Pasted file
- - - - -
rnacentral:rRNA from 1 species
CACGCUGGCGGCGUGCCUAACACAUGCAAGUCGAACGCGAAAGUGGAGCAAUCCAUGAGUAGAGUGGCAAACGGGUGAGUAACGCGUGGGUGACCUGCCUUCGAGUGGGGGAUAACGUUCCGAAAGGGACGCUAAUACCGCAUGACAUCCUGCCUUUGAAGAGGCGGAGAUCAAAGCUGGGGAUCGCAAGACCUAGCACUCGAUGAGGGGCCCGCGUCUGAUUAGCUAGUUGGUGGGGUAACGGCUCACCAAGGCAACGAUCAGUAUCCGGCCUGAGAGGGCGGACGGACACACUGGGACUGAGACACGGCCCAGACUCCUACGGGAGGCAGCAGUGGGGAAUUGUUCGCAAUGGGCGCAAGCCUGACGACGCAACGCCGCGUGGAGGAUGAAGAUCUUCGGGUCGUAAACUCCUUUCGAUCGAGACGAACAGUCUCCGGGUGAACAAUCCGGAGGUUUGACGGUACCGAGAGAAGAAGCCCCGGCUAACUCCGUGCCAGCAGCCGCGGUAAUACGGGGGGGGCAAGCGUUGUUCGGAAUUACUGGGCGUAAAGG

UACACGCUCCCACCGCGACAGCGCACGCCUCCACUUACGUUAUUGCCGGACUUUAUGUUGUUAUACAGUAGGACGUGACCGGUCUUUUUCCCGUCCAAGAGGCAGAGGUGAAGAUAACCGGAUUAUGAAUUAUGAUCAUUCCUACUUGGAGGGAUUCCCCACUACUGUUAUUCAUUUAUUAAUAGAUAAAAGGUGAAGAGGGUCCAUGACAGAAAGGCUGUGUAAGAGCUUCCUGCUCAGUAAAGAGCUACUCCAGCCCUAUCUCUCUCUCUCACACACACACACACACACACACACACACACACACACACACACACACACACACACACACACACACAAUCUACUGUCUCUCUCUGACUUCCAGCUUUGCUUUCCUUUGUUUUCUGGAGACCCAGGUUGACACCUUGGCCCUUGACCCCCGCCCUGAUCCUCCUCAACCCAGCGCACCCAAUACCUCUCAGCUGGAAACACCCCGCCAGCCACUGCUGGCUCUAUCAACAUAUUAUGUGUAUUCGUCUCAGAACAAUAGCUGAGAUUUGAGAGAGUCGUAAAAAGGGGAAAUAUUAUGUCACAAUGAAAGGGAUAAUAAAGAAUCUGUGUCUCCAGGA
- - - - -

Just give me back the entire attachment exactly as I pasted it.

rnacentral:rRNA from 1 species
CACGCUGGCGGCGUGCCUAACACAUGCAAGUCGAACGCGAAAGUGGAGCAAUCCAUGAGUAGAGUGGCAAACGGGUGAGUAACGCGUGGGUGACCUGCCUUCGAGUGGGGGAUAACGUUCCGAAAGGGACGCUAAUACCGCAUGACAUCCUGCCUUUGAAGAGGCGGAGAUCAAAGCUGGGGAUCGCAAGACCUAGCACUCGAUGAGGGGCCCGCGUCUGAUUAGCUAGUUGGUGGGGUAACGGCUCACCAAGGCAACGAUCAGUAUCCGGCCUGAGAGGGCGGACGGACACACUGGGACUGAGACACGGCCCAGACUCCUACGGGAGGCAGCAGUGGGGAAUUGUUCGCAAUGGGCGCAAGCCUGACGACGCAACGCCGCGUGGAGGAUGAAGAUCUUCGGGUCGUAAACUCCUUUCGAUCGAGACGAACAGUCUCCGGGUGAACAAUCCGGAGGUUUGACGGUACCGAGAGAAGAAGCCCCGGCUAACUCCGUGCCAGCAGCCGCGGUAAUACGGGGGGGGCAAGCGUUGUUCGGAAUUACUGGGCGUAAAGG

UACACGCUCCCACCGCGACAGCGCACGCCUCCACUUACGUUAUUGCCGGACUUUAUGUUGUUAUACAGUAGGACGUGACCGGUCUUUUUCCCGUCCAAGAGGCAGAGGUGAAGAUAACCGGAUUAUGAAUUAUGAUCAUUCCUACUUGGAGGGAUUCCCCACUACUGUUAUUCAUUUAUUAAUAGAUAAAAGGUGAAGAGGGUCCAUGACAGAAAGGCUGUGUAAGAGCUUCCUGCUCAGUAAAGAGCUACUCCAGCCCUAUCUCUCUCUCUCACACACACACACACACACACACACACACACACACACACACACACACACACACACACACACACACAAUCUACUGUCUCUCUCUGACUUCCAGCUUUGCUUUCCUUUGUUUUCUGGAGACCCAGGUUGACACCUUGGCCCUUGACCCCCGCCCUGAUCCUCCUCAACCCAGCGCACCCAAUACCUCUCAGCUGGAAACACCCCGCCAGCCACUGCUGGCUCUAUCAACAUAUUAUGUGUAUUCGUCUCAGAACAAUAGCUGAGAUUUGAGAGAGUCGUAAAAAGGGGAAAUAUUAUGUCACAAUGAAAGGGAUAAUAAAGAAUCUGUGUCUCCAGGA